Some other difficulties are that stakeholder conflicts usually involve issues of corporate policy or strategy and the business judgment rule
developed by the courts discourages judicial inquiry into policy issues.
A second argument for the business judgment rule
is that courts are
Under a correct account of the tort analogy, the duty of care and the business judgment rule
are not antipodes of a paradox, but are complementary principles governing duty and its scope.
Delaware courts have gone to great lengths to stress that, as long as the directors acted reasonably informed and in good faith, the fact that a business decision was manifestly unreasonable does not preclude the application of the business judgment rule
Scholars have also justified the business judgment rule
by pointing to the risk of hindsight bias.
With regard to the duty of care, the presumption of the business judgment rule
(in particular the presumption that the directors acted on an informed basis) can be rebutted by showing that the directors, in a grossly negligent manner, breached their duty to inform themselves, prior to making the decision, of all material information reasonably available to them, or failed to act with requisite care on the basis of this information.
The business judgment rule
has already been criticized on a number of grounds.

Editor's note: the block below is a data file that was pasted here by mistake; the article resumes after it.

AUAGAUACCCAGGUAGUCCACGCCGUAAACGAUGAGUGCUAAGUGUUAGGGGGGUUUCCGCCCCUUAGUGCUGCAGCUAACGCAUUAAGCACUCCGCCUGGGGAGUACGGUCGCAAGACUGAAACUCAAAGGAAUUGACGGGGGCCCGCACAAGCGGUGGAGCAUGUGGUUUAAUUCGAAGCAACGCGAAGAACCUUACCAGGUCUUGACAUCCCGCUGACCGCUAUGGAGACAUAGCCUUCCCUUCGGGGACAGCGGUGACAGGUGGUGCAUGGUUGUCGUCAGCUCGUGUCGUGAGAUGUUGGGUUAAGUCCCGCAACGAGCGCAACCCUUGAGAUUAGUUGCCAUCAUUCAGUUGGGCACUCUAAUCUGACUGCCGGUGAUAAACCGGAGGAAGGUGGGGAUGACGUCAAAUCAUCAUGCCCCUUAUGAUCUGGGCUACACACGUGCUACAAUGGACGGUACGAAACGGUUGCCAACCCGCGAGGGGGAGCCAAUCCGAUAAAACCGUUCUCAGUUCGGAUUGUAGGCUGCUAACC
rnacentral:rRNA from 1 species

Texas applies the business judgment rule
to nonprofit corporations
159) This business judgment rule
presumes that directors' decisions are made on "'an informed basis, in good faith and in the honest belief that the action taken was in the best interests of the company.
The Delaware Court, in its ruling on the case, began by outlining the fundamental precepts of corporate law: (1) that directors, rather than shareholders, manage the business and affairs of the corporation, (2) that "the existence and exercise of this power carries with it certain fundamental fiduciary obligations to the corporation and its shareholders," (12) and (3) the business judgment rule
provides a protection for directors in their decision-making so long as they acted "on an informed basis, in good faith and in the honest belief that the action taken was in the best interests of the company.
Deepening Insolvency and the Business Judgment Rule
value-maximizing duty, even with a strong business judgment rule
, may be